Miss A Columnist

Rebekkah Adams grew up in Ithaca, New York with one younger brother, two artistic parents and two lovable dogs. Starting from early childhood, she has taken an interest in music, traveling and writing. She attended college at The University of Texas at Austin and graduated with a degree in Radio-Television-Film and a degree in English. She has since worked in film, advertising, PR and as a freelance writer and editor. When not writing articles, she spends her time singing, shopping and working on fiction pieces. She currently lives in Austin, TX with her husband and one dog.

Review Of Les Miserables At Zach Theatre In Austin

Young and old alike are falling in love again with the classic Les Miserables. Many may remember the musical from its days on Broadway or the 25 anniversary revival cast. For the youngest generation, the film version introduced the story to all last year and was nominated for eight Oscars. Now, the Zach Theatre production reinvigorates the timeless quality of the messages and adds new elements of its own, to create an original and engaging piece.

Les Mis, based on the novel by Victor Hugo, was first created in France with music by Claude-Michel Schönberg and lyrics by

Les Miserables at Zach Theatre (Photo Credit: Kirk Tuck)

Les Miserables at Zach Theatre (Photo Credit: Kirk Tuck)

Alain Boublil and Jean-Marc Natel. It was then adapted for an English audience by Herbert Kretzmer and opened in London in 1985. As director Matt Lenz pointed out, this show is not about the French Revolution (1789-1799) as many people seem to believe. Instead, it portrays events that occur after that period during the early 19th century.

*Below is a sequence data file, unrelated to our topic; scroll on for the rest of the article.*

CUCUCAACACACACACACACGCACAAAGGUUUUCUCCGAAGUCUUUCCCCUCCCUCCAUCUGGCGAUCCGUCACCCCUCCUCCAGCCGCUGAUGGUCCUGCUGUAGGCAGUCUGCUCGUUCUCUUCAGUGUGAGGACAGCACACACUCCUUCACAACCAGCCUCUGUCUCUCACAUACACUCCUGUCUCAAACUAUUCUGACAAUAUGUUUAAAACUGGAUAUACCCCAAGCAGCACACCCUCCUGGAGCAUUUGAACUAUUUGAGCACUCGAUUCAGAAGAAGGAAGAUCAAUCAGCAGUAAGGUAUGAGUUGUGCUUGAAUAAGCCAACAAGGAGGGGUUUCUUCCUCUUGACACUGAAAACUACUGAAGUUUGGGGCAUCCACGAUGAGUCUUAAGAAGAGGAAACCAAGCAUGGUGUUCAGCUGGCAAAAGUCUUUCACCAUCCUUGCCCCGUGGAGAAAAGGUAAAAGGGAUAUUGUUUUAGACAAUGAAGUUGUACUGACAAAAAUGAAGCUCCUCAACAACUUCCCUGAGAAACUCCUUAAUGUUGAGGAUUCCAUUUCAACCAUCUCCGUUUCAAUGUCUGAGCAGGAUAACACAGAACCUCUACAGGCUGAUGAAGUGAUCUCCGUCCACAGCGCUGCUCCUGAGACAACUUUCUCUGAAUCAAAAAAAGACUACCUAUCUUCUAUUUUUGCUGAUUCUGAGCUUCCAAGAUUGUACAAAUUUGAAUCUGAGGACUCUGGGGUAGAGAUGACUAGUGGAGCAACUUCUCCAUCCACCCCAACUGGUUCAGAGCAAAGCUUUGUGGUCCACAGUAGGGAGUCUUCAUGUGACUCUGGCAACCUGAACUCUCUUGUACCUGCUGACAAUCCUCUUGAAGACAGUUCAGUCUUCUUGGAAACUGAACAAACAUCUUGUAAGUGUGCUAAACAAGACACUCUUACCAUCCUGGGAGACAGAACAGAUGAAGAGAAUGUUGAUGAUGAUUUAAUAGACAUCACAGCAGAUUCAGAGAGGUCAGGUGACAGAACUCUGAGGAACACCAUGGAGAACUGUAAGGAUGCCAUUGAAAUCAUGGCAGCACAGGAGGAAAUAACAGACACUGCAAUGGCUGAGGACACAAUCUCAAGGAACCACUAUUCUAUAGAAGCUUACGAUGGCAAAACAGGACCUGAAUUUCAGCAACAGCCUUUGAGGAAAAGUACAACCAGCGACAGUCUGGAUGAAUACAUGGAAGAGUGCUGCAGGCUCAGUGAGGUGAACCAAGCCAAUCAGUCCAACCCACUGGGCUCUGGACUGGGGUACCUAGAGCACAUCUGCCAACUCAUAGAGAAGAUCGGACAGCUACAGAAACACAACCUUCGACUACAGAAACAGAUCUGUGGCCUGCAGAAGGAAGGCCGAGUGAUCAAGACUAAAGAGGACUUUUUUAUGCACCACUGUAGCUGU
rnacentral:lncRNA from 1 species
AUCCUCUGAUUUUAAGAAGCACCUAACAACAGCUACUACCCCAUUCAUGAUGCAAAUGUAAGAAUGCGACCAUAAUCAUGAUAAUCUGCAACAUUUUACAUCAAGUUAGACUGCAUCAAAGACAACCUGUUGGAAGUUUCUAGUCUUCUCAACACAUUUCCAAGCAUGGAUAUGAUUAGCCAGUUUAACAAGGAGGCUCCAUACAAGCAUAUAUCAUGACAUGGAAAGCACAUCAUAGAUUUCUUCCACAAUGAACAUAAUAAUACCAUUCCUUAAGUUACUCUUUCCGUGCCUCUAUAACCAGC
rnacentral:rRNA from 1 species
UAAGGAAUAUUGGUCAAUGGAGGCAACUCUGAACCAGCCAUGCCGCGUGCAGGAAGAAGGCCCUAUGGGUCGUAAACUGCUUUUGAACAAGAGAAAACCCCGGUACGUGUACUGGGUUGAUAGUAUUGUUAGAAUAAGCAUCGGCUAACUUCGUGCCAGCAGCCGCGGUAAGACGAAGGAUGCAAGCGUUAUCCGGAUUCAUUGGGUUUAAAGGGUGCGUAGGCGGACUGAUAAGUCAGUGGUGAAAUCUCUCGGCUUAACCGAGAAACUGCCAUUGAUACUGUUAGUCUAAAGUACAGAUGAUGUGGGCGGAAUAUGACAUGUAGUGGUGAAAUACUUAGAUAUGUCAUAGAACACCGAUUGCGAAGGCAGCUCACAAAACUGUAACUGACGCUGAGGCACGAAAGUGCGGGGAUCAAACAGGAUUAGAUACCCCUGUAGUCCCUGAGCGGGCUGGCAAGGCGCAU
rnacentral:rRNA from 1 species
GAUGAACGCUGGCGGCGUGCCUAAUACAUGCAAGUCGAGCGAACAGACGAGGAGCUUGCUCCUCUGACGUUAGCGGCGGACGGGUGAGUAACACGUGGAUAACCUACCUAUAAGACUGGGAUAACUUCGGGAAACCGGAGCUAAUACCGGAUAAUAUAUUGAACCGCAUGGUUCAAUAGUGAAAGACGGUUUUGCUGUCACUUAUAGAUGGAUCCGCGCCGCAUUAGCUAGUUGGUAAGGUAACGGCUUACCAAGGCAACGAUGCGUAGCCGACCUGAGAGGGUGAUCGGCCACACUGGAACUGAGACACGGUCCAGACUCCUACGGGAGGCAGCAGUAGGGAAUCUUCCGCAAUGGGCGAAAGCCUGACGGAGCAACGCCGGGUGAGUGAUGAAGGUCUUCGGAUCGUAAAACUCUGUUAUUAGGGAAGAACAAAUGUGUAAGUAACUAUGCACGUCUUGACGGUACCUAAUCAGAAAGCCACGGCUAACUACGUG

One of the things that makes this particular musical especially challenging for any theatre is the timeline. Our opening scene begins in 1815 and by the close of the show, it is 1832. Zach took this on by introducing each new time period with a short title, and therefore easing the audience into each successive time and place.

"Master of the House" performed by Thénadier (played by Roberto Araujo) and Mme. Thénardier (played by Felicia Dinwiddie) (Photo Credit: Kirk Tuck)

“Master of the House” performed by Thénadier (played by Roberto Araujo) and Mme. Thénardier (played by Felicia Dinwiddie) (Photo Credit: Kirk Tuck)

The set itself is minimal and provides a backdrop for the expressive characters. The buildings line the stage and are never removed or changed. However, additional pieces are added as needed and actors enter and exit from every level, including the floor. The barricade especially makes an impression and allows audience and characters to visualize the situation but keeps the focus on the action.

What makes this musical so beloved, however, is not the scenic backdrop

Jean Valjean (Pat McRoberts) and Inspector Javert (Nicholas Rodriguez) (Photo Credit: Kirk Tuck)

Jean Valjean (Pat McRoberts) and Inspector Javert (Nicholas Rodriguez) (Photo Credit: Kirk Tuck)

but the songs and story. Every actor in Zach’s production held their own vocally and performed spectacularly. Jean Valjean (Pat McRoberts) and Javert (Nicholas Rodriguez) give everything you would expect and more. Additionally, others like Marius (Andrew Cannata), Enjolras (Joshua Denning), and Gavroche (Will Sendera) outdid themselves and took their smaller parts to the next level.  All the cast and the ensemble allowed the true messages of love and truth to come through to the audiences.

Gavroche (Will Sendera) (Photo Credit: Kirk Tuck)

Gavroche (Will Sendera) (Photo Credit: Kirk Tuck)

Most people have seen or at least know the story of Les Miserables, but that does not prevent the performance from bringing tears to many eyes during the conclusion. The show continues through October and so there are plenty more chances to witness this timeless classic come to life.

WHEN: Through November 3, 2013

Zach’s Topfer Theatre
1510 Toomey Rd
Austin, TX
Ph. 512-476-0541

TICKETS: Please click here to purchase tickets.

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